NEW YORK—A seemingly simple installation by contemporary artist Ai Weiwei makes a profound social statement and manages to be both abstract and orderly. Composed of metal fragments salvaged from schools destroyed by the 2008 Sichuan earthquake, the precise work carpets the floor of Mary Boone Gallery in Chelsea.
“Forge” is a pair of exhibits featuring installations by the Chinese artist currently on view at both of the gallery’s New York spaces.
Ai conducted a citizens’ investigation to document the student victims of the earthquake and is using the metal remains to bring attention to the fact that the schools collapsed due to sub-standard construction that the Chinese government attempted to cover up.
The precisely laid series of bent rebar took a week to install. When asked about the process, the gallery said in order to replicate the original installation composed by Ai in his Beijing studio, an aerial photograph was taken, the image was gridded and mapped with coordinates, and finally, the pieces of metal rebar were stored in boxes labeled with their corresponding coordinates. Finally, five of the Chinese artist’s assistants were flown in to lead the re-installation at the gallery.
All photos © Arts Observer
At the gallery’s Fifth Avenue space, Ai’s work tells the story of the government destruction of his Shanghai studio. As soon as the new studio was built in 2010, the local authorities declared the construction illegal and eventually demolished it in 2011.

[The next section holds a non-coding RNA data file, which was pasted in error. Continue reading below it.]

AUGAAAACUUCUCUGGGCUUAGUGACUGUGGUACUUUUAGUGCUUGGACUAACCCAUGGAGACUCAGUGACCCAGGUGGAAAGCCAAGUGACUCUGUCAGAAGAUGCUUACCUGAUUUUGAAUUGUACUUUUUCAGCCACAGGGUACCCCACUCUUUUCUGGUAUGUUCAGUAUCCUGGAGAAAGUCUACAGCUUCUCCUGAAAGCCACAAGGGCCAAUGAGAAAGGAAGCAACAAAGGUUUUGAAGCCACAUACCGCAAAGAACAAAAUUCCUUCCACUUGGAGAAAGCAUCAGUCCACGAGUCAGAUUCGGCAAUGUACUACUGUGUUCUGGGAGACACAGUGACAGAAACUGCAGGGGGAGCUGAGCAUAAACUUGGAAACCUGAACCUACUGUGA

Fifth Avenue: The exhibition documents the fate of Ai Weiwei’s studio through before and after images of the building (background), a documentary and “celebratory” crabs.
The installation of 2,500 hand-made porcelain creatures represents the celebration Ai Weiwei organized when he learned the fate of his studio. Via Twitter, he invited supporters to a rally at the site of his studio and provided a feast of 10,000 crabs for the gathering.
“Forge” is on view at Mary Boone Gallery at its locations in Chelsea and on Fifth Avenue from Oct. 13 to Dec. 21, 2012. The exhibit coincides with an extensive survey of Ai’s work at the Smithsonian’s Hirshhorn Museum, where “According to What?” is on view through Feb. 24, 2013.